Dr. Eads and Diane

Zack Shinar, Diane, and Jessica

Bellezzo And Diane

The post EDECMO 41 – The 3 Stages of ECPR – Diane’s Story appeared first on ED ECMO.

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In this episode Zack and Joe discuss the 3-stages of Extracorporeal Membrane Oxygenation (ECMO) - or put another way, this is how to start Extracorporeal Cardiopulmonary Resuscitation (ECPR) in the Emergency Department (ED). In this episode Zack and Joe discuss the 3-stages of Extracorporeal Membrane Oxygenation (ECMO) - or put another way, this is how to start Extracorporeal Cardiopulmonary Resuscitation (ECPR) in the Emergency Department (ED). It's been 4 years since we talked about these basic premises of ECPR. But this time, its highlighted in a very special story. the EDECMO Hosts - Drs. Joe Bellezzo, Zack Shinar, & Scott Weingart clean 30:32 3711
EDECMO 40: EROCA – The trial that asks “Should ER Docs Initiate ECPR?” https://edecmo.org/eroca-trial-asks-er-docs-initiate-ecpr/ Thu, 02 Nov 2017 20:00:55 +0000 https://edecmo.org/?p=3602 https://edecmo.org/eroca-trial-asks-er-docs-initiate-ecpr/#respond https://edecmo.org/eroca-trial-asks-er-docs-initiate-ecpr/feed/ 0 <p>  EROCA – University of Michigan – Gunnerson/Shinar Should Emergency Physicians initiate ECMO on arresting patients?  That is the question that Kyle Gunnerson from the University of Michigan (UMich) is asking with their new trial – EROCA.  UMich has had a robust ECMO program for over 30 years and recently they have received a grant […]</p> <p>The post <a rel="nofollow" href="https://edecmo.org/eroca-trial-asks-er-docs-initiate-ecpr/">EDECMO 40: EROCA – The trial that asks “Should ER Docs Initiate ECPR?”</a> appeared first on <a rel="nofollow" href="https://edecmo.org">ED ECMO</a>.</p>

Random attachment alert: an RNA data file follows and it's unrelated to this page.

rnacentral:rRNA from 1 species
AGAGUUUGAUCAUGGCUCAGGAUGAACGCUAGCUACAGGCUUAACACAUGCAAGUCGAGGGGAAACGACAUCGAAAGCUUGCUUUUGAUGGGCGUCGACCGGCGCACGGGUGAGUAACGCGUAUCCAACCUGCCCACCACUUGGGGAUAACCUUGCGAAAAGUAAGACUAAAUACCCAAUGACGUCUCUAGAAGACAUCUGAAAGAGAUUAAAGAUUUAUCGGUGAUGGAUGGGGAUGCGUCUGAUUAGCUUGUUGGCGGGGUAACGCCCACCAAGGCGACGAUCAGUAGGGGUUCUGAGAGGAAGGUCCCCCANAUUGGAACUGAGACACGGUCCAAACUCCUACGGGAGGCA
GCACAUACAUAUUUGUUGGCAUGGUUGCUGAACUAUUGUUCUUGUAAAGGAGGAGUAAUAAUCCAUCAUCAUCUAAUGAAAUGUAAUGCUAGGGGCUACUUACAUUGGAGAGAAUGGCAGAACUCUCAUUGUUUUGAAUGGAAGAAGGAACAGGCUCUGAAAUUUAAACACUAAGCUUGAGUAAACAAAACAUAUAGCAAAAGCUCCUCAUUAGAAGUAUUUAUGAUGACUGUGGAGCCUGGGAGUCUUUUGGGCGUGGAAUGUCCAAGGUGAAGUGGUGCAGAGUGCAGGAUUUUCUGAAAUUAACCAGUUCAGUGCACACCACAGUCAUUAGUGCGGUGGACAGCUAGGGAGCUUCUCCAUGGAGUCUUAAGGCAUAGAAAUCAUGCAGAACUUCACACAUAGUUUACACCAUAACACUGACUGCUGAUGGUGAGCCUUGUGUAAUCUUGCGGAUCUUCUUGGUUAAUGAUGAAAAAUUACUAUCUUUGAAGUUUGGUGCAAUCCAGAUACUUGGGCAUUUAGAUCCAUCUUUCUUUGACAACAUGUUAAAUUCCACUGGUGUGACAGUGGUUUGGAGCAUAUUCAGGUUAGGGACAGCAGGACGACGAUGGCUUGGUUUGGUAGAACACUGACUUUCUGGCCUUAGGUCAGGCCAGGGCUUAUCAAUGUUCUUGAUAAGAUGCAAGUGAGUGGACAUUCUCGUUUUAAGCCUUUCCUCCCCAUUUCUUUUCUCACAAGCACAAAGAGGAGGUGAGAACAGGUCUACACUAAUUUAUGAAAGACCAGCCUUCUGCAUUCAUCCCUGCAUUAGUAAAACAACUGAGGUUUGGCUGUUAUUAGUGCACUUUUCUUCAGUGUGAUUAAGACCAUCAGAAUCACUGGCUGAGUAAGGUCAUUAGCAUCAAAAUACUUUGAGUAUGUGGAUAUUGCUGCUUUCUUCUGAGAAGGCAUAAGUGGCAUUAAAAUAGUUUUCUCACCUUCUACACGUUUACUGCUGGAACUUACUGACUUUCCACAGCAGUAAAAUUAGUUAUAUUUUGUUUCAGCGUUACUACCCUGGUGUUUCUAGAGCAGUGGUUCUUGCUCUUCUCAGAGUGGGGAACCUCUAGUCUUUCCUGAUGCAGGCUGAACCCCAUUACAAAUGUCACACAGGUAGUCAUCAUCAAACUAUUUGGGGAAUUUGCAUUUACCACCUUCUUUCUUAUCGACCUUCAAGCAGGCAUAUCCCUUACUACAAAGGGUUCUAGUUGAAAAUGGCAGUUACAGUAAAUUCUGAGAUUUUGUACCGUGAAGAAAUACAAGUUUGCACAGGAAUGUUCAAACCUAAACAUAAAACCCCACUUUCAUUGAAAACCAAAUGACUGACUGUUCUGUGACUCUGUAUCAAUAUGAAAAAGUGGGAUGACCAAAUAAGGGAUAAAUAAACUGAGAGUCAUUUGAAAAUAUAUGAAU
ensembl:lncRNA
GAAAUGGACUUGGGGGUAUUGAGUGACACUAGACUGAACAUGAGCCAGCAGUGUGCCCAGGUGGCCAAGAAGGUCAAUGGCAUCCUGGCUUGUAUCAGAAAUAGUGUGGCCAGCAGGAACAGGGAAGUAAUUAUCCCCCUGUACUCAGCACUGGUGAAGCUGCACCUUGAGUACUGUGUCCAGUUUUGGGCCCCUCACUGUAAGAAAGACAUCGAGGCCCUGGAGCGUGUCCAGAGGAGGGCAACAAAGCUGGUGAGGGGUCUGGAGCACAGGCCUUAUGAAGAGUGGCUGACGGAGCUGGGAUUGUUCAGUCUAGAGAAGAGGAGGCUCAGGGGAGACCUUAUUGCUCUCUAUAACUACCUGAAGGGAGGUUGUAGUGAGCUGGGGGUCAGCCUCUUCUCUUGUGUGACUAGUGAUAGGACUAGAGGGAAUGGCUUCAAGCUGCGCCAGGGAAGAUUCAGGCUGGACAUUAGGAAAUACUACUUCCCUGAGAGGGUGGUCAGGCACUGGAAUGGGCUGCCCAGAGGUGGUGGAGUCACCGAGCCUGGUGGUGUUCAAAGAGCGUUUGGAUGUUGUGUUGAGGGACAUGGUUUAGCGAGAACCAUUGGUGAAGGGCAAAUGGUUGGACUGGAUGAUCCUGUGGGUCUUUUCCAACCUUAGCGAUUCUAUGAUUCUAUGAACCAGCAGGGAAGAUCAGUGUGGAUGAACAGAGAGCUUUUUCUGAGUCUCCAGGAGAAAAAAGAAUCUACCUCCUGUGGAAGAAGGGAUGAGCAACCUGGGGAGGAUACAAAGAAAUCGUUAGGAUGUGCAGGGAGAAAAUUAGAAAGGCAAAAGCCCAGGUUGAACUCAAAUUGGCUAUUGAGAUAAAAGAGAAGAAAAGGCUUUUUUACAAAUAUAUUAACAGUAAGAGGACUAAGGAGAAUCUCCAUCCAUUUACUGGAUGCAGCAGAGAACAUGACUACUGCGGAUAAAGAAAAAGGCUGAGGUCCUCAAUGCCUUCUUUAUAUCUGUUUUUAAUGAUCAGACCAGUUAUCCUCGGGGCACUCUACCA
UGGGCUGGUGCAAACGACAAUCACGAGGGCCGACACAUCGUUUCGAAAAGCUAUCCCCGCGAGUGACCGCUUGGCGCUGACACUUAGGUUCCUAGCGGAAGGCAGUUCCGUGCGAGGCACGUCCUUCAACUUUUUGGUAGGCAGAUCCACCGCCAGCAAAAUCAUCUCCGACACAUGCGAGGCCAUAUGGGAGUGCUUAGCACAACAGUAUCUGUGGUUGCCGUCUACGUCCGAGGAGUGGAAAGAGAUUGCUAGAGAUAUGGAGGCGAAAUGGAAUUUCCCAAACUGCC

EROCA – University of Michigan – Gunnerson/Shinar

Should Emergency Physicians initiate ECMO on arresting patients?  That is the question that Kyle Gunnerson from the University of Michigan (UMich) is asking with their new trial – EROCA.  UMich has had a robust ECMO program for over 30 years and recently they have received a grant to fund an out of hospital cardiac arrest protocol for emergency physician initiated ECPR.  In this episode, Zack asks Kyle how this trial is being undertaken with key side points on how to start a program, how to train the personnel, and how to circumnavigate the many roadblocks we commonly face in the development of an ECMO program.  They talk about the limitations of running a trial with physicians with no prior experience in ECPR initiation as well as the novel resuscitation strategies that UMich is deploying in all of their cardiac arrest patients.